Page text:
Saturday, March 25, 2023

Q&A with Jessica Bell





Jessica Bell is the author of the new poetry collection A Tide Should Be Able to Rise Despite Its Moon. She is also a singer-songwriter, a publisher, and a graphic designer.


Q: Over how long a period did you write the poems in your collection?

A: I started a little over a year ago, just by challenging myself to write a poem every time I felt like vegging in front of the TV. It had been so long since I'd written poetry. Almost a decade. Plenty of lyrics and prose, so it's not as if I was rusty, but there had not been any poetry “goal” for a very long time.


I had not actually intended to put together a collection. I just wanted to write some great pieces that I could maybe submit to literary magazines. Something else I hadn't done in a very very long time. Being the mother of a toddler, a book cover designer, a singer-songwriter, and the publisher of a small press doesn't leave much time for my own writing projects.


But I was really beginning to miss it, so I started small, without pressure. In about six months time I realized that there were very few poems that weren’t about motherhood. Initially, I thought, "jeez, you are now the epitome of domesticity," and felt negatively about it.


I didn't write again for a couple of months, but then one day, it just hit me that these poems probably have an audience. I then launched back in with a vision, and within another month, I had a book.
Q: How was the book's title chosen, and what does it signify for you?

A: I actually had a few titles that I liked, and asked my social media followers to vote--twice! It was a very close call, but I ended up choosing the title that came in second, since I felt it better reflected the contents of the book. Here's the link to the initial poll:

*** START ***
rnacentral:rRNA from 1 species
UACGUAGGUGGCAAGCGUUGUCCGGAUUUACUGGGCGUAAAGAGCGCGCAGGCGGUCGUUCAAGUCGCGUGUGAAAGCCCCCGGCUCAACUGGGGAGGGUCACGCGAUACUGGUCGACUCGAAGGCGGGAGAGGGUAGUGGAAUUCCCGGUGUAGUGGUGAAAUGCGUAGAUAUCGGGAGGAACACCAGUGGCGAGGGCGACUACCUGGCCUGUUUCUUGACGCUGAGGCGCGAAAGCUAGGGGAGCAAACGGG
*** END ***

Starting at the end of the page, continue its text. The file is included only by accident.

Even though I believe the title can be interpreted in many ways, the title to me is a metaphor for how we should have the ability to be free from the perceived constraints of our world. The meaning of everything in life can shift with a simple and small change of perspective.

Q: The writer Elaina Battista-Parsons said of the book, “It's highly universal, yet still lands in its own category of brilliance...” What do you think of that description?

A: It was such an honour to receive that review. My poems seem simple, but they're actually not once you “get” the deeper meaning in them. I'm challenging the meaning of life in every piece.

Q: What do you think the poems say about the mother-child bond?

A: It is both as solid as an iron fist and as fragile as a frayed cotton thread.

Q: What are you working on now?

A: A biography of my Oma (German for grandma) in verse.

After giving birth to my mother, she'd already given birth to two boys. The father of the eldest boy, Fritz, was an American soldier, her first true love, who was reported to have died in the war before ever meeting his son. My Oma was only 16.

Not long after my Oma died in 2016, Fritz discovered that his father was in fact alive, but by the time he managed to find him and get in touch with his wife, he discovered that he'd just died, around the same time as my Oma. Just devastating.

I have, in my hands, my Oma's memoir in progress, written in very poor English, but very comprehensible. It's basically a summary of her life, and since reading Bobish by Magdalena Ball, I've decided that verse is the one and only way to really bring my Oma's past alive in a way that is true to my own creative self.


I don't want to write another typical WWII historical romance. I want to write something with passion and something unique. At this point in my career, I'm totally over trying to write the next bestseller. I am writing for me and for me only. And in this case, for my Oma and my family. If others want to read my work, then that's a bonus.

Right now I'm pulling out scenes from her notes, and deciding how to use them in a poem, and what questions I need answering, and what research I need to do, etc. So planning is well under way. It's a bit daunting, but I'm excited to learn and create something with that new knowledge.

Q: Anything else we should know?

A: If you enjoy my poetry, you might also enjoy my music. You can find links to my various music projects here:


--Interview with Deborah Kalb